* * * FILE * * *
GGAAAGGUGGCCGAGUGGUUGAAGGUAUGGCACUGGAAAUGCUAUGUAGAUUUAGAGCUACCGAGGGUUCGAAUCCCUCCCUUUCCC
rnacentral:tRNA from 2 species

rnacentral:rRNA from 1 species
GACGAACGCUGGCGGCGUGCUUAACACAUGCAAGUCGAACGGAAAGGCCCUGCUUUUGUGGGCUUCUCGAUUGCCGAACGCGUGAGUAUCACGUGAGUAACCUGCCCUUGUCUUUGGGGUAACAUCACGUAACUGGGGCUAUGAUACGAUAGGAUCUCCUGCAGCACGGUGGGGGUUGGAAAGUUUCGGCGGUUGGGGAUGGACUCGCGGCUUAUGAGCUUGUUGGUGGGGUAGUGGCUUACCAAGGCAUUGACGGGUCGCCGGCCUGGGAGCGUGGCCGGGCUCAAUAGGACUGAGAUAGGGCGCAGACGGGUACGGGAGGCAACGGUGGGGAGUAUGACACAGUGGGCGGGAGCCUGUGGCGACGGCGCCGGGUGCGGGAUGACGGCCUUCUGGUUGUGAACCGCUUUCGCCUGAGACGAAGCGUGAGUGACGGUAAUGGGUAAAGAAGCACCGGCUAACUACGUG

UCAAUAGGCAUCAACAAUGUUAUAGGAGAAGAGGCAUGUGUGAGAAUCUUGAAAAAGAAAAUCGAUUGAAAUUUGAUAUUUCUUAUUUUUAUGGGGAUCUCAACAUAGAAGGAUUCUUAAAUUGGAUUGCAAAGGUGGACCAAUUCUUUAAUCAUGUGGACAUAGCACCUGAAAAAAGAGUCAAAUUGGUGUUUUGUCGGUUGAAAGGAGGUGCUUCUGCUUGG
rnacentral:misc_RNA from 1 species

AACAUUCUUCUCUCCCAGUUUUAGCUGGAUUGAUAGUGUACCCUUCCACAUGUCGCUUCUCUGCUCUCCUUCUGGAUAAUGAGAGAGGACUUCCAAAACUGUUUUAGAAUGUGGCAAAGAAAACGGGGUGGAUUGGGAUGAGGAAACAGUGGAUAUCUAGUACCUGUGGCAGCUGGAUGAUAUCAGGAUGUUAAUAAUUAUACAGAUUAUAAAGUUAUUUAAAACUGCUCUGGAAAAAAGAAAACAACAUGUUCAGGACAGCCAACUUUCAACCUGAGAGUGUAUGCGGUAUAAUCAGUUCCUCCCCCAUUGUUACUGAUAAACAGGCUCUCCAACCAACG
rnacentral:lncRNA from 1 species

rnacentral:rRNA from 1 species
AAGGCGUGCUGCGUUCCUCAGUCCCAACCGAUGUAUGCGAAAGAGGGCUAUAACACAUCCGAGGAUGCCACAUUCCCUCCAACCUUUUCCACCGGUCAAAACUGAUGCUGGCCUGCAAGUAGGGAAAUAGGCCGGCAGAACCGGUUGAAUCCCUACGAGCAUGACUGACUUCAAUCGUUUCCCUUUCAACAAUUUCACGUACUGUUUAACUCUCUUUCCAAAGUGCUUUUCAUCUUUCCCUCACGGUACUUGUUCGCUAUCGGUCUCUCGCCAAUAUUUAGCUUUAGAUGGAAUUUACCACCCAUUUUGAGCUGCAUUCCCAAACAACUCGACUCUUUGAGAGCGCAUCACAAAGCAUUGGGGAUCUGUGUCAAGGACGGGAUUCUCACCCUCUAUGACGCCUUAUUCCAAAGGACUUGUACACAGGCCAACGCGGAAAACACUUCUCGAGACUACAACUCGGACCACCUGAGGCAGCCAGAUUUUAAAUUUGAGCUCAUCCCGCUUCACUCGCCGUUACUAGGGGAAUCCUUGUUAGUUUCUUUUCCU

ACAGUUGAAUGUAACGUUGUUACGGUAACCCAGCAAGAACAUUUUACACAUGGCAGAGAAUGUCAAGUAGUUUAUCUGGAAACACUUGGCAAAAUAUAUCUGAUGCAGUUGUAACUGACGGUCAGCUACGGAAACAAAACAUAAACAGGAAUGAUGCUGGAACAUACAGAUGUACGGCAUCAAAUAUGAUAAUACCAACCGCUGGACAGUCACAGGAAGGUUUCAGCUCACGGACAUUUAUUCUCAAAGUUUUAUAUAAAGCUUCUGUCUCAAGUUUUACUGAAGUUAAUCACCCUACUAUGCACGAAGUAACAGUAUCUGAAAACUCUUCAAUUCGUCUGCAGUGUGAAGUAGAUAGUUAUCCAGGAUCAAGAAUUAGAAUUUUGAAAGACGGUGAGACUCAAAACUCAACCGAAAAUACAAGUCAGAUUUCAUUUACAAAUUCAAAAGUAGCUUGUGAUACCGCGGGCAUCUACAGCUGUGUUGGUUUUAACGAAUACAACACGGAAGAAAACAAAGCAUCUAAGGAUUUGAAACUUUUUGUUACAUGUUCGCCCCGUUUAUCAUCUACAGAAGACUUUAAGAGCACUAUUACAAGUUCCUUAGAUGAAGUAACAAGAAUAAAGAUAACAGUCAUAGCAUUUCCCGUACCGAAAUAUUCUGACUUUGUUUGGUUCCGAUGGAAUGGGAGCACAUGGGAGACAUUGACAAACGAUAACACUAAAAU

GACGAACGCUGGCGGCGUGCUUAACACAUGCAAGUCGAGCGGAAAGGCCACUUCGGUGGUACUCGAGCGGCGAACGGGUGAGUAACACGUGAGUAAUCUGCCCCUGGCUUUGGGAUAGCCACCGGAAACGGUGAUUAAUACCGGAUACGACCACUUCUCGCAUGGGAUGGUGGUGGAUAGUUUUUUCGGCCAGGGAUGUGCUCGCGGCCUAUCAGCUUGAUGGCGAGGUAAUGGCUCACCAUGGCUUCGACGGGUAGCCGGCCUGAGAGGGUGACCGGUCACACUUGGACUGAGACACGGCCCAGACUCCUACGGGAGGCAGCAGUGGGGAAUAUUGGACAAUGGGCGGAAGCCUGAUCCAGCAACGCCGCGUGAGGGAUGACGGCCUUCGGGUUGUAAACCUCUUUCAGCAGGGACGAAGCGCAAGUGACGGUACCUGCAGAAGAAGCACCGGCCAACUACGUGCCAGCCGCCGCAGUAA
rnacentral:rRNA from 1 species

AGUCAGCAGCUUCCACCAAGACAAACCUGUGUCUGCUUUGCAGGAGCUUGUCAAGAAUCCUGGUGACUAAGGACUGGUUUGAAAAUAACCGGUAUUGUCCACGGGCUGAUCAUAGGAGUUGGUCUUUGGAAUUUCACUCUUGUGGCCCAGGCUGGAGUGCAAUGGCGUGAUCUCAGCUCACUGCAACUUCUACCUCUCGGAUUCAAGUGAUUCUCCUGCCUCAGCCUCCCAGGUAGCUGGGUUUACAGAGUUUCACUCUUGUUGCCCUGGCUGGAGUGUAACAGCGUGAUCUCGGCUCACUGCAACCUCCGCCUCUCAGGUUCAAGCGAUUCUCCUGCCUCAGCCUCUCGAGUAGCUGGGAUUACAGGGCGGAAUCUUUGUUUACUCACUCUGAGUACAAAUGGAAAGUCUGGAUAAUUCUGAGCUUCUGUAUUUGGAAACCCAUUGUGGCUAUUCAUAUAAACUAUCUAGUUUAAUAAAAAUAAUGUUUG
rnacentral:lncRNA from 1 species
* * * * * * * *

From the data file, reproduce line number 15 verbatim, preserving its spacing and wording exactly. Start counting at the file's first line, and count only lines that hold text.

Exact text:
rnacentral:lncRNA from 1 species